My thoughts (Tyler Connoley):
“I like it better when the pastor leaves politics out of the pulpit,” Mary said to me after church one day, when I asked her what she thought of the sermon. Mary is a pretty average, middle-class American. She lives a comfortable life, gives regularly to church, and even gives to some charities. She volunteers at the library, reading books to underprivileged children, and especially likes giving to organizations that help “those less-fortunate than I.”
That Sunday, the pastor’s sermon was not political in the sense that it talked about political parties. For Mary, the pastor was being political because he talked about the injustice in the world. He pointed out the inequality inherent in our way of life. He talked about the women who work long hours for little money to make our clothes and our electronics. He pointed out the brutal civil war raging in central Africa over the precious metals that power the batteries in our cell phones and laptops. He called on us to rethink our way of life, to vote with our dollars for equitable and sustainable products, and to speak out against the injustice in the world by calling on the companies we support to pay a living wage. He challenged us, saying, “Do you really need a new cell phone, just because your contract is up? Even though it means more mining in the Congo, and more violence to control precious metals?” And we squirmed in our seats.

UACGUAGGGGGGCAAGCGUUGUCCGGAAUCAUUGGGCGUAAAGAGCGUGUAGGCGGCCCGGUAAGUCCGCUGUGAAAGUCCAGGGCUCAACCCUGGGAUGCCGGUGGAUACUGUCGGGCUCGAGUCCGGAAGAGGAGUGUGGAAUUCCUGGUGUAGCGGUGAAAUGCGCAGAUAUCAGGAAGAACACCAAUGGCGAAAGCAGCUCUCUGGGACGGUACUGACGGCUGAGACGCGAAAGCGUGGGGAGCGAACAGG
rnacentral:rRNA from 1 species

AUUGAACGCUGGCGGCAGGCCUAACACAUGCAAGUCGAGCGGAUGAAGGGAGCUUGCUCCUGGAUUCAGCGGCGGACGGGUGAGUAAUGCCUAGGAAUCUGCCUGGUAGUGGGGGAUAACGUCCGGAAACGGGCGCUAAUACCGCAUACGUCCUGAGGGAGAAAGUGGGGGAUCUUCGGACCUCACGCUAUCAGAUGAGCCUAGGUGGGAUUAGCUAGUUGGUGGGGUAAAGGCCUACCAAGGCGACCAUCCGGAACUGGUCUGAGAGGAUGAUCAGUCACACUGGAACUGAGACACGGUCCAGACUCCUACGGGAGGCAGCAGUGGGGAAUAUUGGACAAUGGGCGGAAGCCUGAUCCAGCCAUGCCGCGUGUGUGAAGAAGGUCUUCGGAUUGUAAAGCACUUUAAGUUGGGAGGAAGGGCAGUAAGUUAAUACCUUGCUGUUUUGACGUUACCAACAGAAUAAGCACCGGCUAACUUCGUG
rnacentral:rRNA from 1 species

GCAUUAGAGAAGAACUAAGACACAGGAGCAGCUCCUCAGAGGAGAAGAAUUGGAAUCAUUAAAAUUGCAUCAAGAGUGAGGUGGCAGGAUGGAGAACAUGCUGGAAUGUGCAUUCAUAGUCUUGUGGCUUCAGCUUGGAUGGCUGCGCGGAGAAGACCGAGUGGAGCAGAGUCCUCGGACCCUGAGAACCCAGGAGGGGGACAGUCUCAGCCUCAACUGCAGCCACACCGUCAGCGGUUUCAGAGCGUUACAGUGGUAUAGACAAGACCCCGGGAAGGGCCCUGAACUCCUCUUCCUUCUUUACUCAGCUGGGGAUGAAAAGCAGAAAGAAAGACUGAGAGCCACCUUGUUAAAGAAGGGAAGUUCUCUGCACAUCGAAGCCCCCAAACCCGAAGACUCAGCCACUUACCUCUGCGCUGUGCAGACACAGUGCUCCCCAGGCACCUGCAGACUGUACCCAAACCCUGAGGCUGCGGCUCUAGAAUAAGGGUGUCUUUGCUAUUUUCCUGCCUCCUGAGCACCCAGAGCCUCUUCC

Living in a country that represents the top 1% of the world, we don’t like to be reminded of economic injustice. We would like morality to be all about decisions regarding how we speak to our family and our coworkers, how we practice our sexuality, even whether or not we give money to church. But the Bible doesn’t let us off that easily. This entire passage is about economic justice, and the writer says bluntly: The evil don’t think about justice, but those who seek God understand it completely.
Thought for the day: According to Proverbs, those who keep God’s law struggle against the evil of injustice. What part are you playing in that struggle?
We encourage you to include a time of prayer with this reading. If you need a place to get started, consider the suggestions on the How to Pray page.